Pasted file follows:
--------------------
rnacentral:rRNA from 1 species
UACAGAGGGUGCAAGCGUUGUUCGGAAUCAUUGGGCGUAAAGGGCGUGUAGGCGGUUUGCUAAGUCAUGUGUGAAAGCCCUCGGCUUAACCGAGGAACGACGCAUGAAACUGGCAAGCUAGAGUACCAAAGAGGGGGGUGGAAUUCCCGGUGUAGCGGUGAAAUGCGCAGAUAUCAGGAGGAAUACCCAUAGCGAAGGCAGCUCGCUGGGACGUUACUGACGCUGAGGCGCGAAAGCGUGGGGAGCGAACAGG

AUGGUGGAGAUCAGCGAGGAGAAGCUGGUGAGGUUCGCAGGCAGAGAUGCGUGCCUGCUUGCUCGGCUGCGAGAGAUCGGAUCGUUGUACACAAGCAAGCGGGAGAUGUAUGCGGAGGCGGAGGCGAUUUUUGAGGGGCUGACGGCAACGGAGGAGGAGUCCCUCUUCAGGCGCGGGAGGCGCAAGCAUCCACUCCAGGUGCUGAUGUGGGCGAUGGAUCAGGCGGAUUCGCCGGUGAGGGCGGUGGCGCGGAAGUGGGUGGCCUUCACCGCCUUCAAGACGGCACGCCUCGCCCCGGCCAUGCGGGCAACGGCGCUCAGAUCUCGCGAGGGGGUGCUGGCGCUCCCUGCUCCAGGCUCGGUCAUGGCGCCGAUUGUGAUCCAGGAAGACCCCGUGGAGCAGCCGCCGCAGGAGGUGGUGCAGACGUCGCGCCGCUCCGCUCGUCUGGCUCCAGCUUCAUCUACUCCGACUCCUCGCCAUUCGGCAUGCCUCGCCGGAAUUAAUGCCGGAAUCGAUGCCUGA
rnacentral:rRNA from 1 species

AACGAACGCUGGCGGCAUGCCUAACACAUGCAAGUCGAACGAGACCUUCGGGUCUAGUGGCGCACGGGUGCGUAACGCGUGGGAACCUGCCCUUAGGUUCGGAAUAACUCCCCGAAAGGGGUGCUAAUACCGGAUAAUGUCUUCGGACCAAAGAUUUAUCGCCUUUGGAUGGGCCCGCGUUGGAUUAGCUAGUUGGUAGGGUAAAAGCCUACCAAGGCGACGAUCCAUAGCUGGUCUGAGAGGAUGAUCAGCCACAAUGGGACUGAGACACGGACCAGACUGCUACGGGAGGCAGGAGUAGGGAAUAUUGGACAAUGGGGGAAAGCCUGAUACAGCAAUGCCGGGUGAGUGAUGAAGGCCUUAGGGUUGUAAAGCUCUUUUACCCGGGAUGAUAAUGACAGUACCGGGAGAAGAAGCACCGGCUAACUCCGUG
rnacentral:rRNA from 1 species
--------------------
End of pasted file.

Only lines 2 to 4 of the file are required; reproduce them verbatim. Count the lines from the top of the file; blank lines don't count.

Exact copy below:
UACAGAGGGUGCAAGCGUUGUUCGGAAUCAUUGGGCGUAAAGGGCGUGUAGGCGGUUUGCUAAGUCAUGUGUGAAAGCCCUCGGCUUAACCGAGGAACGACGCAUGAAACUGGCAAGCUAGAGUACCAAAGAGGGGGGUGGAAUUCCCGGUGUAGCGGUGAAAUGCGCAGAUAUCAGGAGGAAUACCCAUAGCGAAGGCAGCUCGCUGGGACGUUACUGACGCUGAGGCGCGAAAGCGUGGGGAGCGAACAGG

AUGGUGGAGAUCAGCGAGGAGAAGCUGGUGAGGUUCGCAGGCAGAGAUGCGUGCCUGCUUGCUCGGCUGCGAGAGAUCGGAUCGUUGUACACAAGCAAGCGGGAGAUGUAUGCGGAGGCGGAGGCGAUUUUUGAGGGGCUGACGGCAACGGAGGAGGAGUCCCUCUUCAGGCGCGGGAGGCGCAAGCAUCCACUCCAGGUGCUGAUGUGGGCGAUGGAUCAGGCGGAUUCGCCGGUGAGGGCGGUGGCGCGGAAGUGGGUGGCCUUCACCGCCUUCAAGACGGCACGCCUCGCCCCGGCCAUGCGGGCAACGGCGCUCAGAUCUCGCGAGGGGGUGCUGGCGCUCCCUGCUCCAGGCUCGGUCAUGGCGCCGAUUGUGAUCCAGGAAGACCCCGUGGAGCAGCCGCCGCAGGAGGUGGUGCAGACGUCGCGCCGCUCCGCUCGUCUGGCUCCAGCUUCAUCUACUCCGACUCCUCGCCAUUCGGCAUGCCUCGCCGGAAUUAAUGCCGGAAUCGAUGCCUGA
rnacentral:rRNA from 1 species